Addendum to Education Policy Paper: The role of education unions in the use of ICT

The 7th Education International (EI) World Congress meeting in Ottawa, Canada, from 21nd to 26th July 2015, adopts the addendum to section/paragraphs 45 – 48, on the role of education unions in the use of Information and Communications Technology (ICT) in education, of the Education Policy Paper, ‘ Building the Future through Quality Education’, which was adopted by the EI 6th World Congress in 2011.


This addendum to the Education Policy Paper seeks to expand and clarify EI’s policy position and the role of unions in the use of ICT in education.


Main principles


1. Information and communication technologies can be an important tool to improve teaching and learning. Interactive education software, open access digital libraries, and cheaper and more intuitive technology may facilitate new forms of interaction between students, teachers, education personnel and the community and enhance access to, and the quality of, education. ICT must be used as a tool to improve teaching and learning and make schools more effective.


2. EI rejects the notion that ICT can be used to address the lack of education funding due to the austerity measures as a result of the financial crisis. Education funding must be restored and expanded in order for ICT to play its proper role of supporting the goals of a fully and appropriately funded public education.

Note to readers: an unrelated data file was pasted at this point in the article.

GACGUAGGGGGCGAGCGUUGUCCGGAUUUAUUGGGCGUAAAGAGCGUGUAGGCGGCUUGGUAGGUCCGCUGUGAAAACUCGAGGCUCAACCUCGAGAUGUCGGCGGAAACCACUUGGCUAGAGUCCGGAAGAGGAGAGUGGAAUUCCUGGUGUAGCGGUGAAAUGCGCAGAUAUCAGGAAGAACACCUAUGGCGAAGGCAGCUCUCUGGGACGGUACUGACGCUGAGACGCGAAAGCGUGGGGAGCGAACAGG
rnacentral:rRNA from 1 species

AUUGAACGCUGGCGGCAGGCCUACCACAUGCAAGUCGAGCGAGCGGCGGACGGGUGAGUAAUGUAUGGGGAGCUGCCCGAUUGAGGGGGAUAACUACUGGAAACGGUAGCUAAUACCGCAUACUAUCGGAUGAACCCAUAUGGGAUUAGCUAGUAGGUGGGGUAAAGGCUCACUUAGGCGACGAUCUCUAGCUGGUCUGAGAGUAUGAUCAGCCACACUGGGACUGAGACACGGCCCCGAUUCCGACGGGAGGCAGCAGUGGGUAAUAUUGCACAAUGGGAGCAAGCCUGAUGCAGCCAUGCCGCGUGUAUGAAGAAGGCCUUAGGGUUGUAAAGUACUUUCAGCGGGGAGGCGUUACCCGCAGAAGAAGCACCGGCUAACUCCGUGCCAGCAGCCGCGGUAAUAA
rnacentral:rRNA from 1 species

3. However, risks associated with the use of ICT such as the promotion of hatred, child pornography, cyberbullying, and the use of surveillance technologies, among others, must be highlighted and such abuses avoided to ensure the safety and well-being of all education personnel and students.


4. While EI believes that education may be enriched by integrating ICT into traditional educational activities, ICT can never replace the relationship and interaction between teacher and learner which is crucial to the learning and development process. Teachers remain central to the learning process, and introducing new technologies alone will not transform the teaching and learning process.


5. ICT must be used in education institutions under the supervision of qualified well-trained professionals with the expertise in pedagogy and in education to ensure that their impact does not damage or undermine the learning process or the development of learners.


6. Successful use and integration of ICT to deliver quality education to students depends largely on highly-qualified and motivated teachers, the availability of sufficient quality ICT tools and quality teaching and learning environments. Therefore, appropriate and thoughtfully designed teacher training programmes which foster collaboration among education professionals and well-resourced teaching and learning environments are crucial for the successful use of ICT in education and the successful implementation of ICT programmes.


7. ICT policies and plans should be developed with the full participation of teachers, education support personnel and their representative organisations. Educators must be involved every step of the way in the design and development of appropriate ICT policies for education purposes.


8. Governments should narrow the digital divide between rich and poor countries by ensuring the provision of ICT infrastructure, hardware and software, including Internet connectivity throughout every country, including in rural and remote areas.